Which model ISA portfolios offer both high performance and low fees? Hargreaves Lansdown, Interactive Investor and AJ Bell go under…

Read more »

Economic Uncertainty Ahead Sign With Stormy Background
Personal Finance

Is it time to exit emerging markets investments?

Investors may well be sitting on losses from emerging markets funds. Is it worth keeping the faith for a sustained…

Read more »

Personal Finance

Share trading? Three shares with turnaround potential

Share trading has been difficult in 2022, but which companies have turnaround potential? Jo Groves takes a closer look at…

Read more »

Man using credit card and smartphone for purchasing goods online.
Personal Finance

Revealed! Why Gen Z may be the savviest generation when it comes to credit cards

New research reveals that Gen Z may be the most astute when it comes to credit cards. But why? And…

Read more »

Environmental technology concept.
Personal Finance

The 10 best-performing sectors for ISA investors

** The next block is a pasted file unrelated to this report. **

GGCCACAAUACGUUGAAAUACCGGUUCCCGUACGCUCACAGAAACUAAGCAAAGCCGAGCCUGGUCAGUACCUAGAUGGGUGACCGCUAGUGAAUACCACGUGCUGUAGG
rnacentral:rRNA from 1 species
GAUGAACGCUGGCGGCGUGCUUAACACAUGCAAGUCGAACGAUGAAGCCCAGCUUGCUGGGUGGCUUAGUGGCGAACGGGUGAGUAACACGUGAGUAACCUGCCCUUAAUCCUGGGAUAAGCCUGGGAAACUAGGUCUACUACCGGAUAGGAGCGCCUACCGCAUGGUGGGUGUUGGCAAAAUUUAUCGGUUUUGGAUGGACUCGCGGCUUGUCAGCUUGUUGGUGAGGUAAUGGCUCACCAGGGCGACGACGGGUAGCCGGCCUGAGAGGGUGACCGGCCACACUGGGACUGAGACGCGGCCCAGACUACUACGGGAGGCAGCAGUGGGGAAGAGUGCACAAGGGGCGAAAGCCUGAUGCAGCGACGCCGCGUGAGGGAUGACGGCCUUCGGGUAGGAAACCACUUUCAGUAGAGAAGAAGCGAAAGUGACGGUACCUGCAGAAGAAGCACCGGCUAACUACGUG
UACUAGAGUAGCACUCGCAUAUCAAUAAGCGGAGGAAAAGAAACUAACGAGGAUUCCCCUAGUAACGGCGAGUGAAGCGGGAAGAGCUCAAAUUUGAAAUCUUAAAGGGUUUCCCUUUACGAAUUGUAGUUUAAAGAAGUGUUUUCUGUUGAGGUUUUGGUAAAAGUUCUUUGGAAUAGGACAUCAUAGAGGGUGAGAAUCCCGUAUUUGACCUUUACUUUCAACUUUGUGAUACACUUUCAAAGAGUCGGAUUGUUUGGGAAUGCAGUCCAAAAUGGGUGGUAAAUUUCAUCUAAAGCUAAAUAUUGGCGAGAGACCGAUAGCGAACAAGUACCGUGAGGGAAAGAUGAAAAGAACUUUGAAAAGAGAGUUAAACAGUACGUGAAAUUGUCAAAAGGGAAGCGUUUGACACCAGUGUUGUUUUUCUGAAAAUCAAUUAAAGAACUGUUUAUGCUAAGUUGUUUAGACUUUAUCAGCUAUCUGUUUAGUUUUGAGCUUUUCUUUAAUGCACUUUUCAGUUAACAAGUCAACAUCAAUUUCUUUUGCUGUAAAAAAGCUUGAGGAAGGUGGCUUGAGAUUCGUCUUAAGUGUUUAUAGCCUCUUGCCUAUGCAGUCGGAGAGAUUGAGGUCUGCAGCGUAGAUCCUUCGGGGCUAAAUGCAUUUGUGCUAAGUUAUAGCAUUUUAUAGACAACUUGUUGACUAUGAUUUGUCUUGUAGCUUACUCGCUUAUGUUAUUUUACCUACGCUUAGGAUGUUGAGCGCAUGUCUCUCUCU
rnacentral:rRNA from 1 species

The best-performing sectors over the past year invested in real assets such as infrastructure, but is this trend set to…

Read more »

Road sign warning of a risk ahead
Personal Finance

Recession risk ‘on the rise’: is it time for investors to worry?

A major global bank has suggested the risk of a recession in the UK is 'on the rise'. So, should…

Read more »

pensive bearded business man sitting on chair looking out of the window
Personal Finance

1 in 4 cutting back on investments amid cost of living crisis

New research shows one in four investors have cut back on their investing contributions to cope with the rising cost…

Read more »

Image of person checking their shares portfolio on mobile phone and computer
Personal Finance

The 10 most popular stocks among UK investors so far this year

As the new tax year kicks off, here's a look at some of the most popular stocks among UK investors…

Read more »